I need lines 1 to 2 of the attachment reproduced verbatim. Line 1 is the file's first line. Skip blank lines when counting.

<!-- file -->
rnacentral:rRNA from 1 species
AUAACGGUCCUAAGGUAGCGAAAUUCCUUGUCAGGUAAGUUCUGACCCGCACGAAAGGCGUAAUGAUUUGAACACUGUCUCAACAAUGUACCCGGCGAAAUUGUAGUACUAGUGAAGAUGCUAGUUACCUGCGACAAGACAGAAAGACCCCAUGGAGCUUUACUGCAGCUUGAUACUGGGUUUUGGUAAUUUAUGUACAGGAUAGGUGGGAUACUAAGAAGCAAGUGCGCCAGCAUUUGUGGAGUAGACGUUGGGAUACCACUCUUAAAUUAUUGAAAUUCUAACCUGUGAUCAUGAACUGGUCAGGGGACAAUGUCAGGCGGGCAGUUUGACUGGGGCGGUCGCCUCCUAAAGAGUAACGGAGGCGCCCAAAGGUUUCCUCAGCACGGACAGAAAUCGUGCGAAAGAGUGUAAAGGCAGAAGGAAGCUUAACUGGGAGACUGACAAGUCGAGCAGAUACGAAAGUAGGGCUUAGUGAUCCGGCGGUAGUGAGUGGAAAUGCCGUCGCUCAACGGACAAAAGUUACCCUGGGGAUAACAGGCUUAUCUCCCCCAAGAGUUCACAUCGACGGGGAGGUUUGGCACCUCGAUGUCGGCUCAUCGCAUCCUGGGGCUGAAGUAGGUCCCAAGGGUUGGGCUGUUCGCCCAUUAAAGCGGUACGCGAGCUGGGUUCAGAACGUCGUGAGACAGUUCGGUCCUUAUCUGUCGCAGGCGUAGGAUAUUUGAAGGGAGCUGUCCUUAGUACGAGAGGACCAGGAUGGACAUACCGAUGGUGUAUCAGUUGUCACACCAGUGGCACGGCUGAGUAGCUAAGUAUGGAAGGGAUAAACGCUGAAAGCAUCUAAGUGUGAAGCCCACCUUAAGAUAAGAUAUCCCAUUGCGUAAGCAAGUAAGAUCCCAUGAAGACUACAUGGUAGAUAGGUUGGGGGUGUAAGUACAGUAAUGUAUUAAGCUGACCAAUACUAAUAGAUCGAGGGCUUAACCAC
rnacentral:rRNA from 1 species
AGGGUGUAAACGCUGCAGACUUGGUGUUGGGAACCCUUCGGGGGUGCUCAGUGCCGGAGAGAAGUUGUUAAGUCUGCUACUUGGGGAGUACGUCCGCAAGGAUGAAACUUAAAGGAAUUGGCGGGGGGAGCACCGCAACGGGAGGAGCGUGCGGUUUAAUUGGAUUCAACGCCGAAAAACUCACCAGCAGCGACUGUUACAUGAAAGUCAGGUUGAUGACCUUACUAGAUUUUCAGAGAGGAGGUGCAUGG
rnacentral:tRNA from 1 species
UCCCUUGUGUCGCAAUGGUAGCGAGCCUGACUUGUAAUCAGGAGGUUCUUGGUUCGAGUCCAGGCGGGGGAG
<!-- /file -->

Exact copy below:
rnacentral:rRNA from 1 species
AUAACGGUCCUAAGGUAGCGAAAUUCCUUGUCAGGUAAGUUCUGACCCGCACGAAAGGCGUAAUGAUUUGAACACUGUCUCAACAAUGUACCCGGCGAAAUUGUAGUACUAGUGAAGAUGCUAGUUACCUGCGACAAGACAGAAAGACCCCAUGGAGCUUUACUGCAGCUUGAUACUGGGUUUUGGUAAUUUAUGUACAGGAUAGGUGGGAUACUAAGAAGCAAGUGCGCCAGCAUUUGUGGAGUAGACGUUGGGAUACCACUCUUAAAUUAUUGAAAUUCUAACCUGUGAUCAUGAACUGGUCAGGGGACAAUGUCAGGCGGGCAGUUUGACUGGGGCGGUCGCCUCCUAAAGAGUAACGGAGGCGCCCAAAGGUUUCCUCAGCACGGACAGAAAUCGUGCGAAAGAGUGUAAAGGCAGAAGGAAGCUUAACUGGGAGACUGACAAGUCGAGCAGAUACGAAAGUAGGGCUUAGUGAUCCGGCGGUAGUGAGUGGAAAUGCCGUCGCUCAACGGACAAAAGUUACCCUGGGGAUAACAGGCUUAUCUCCCCCAAGAGUUCACAUCGACGGGGAGGUUUGGCACCUCGAUGUCGGCUCAUCGCAUCCUGGGGCUGAAGUAGGUCCCAAGGGUUGGGCUGUUCGCCCAUUAAAGCGGUACGCGAGCUGGGUUCAGAACGUCGUGAGACAGUUCGGUCCUUAUCUGUCGCAGGCGUAGGAUAUUUGAAGGGAGCUGUCCUUAGUACGAGAGGACCAGGAUGGACAUACCGAUGGUGUAUCAGUUGUCACACCAGUGGCACGGCUGAGUAGCUAAGUAUGGAAGGGAUAAACGCUGAAAGCAUCUAAGUGUGAAGCCCACCUUAAGAUAAGAUAUCCCAUUGCGUAAGCAAGUAAGAUCCCAUGAAGACUACAUGGUAGAUAGGUUGGGGGUGUAAGUACAGUAAUGUAUUAAGCUGACCAAUACUAAUAGAUCGAGGGCUUAACCAC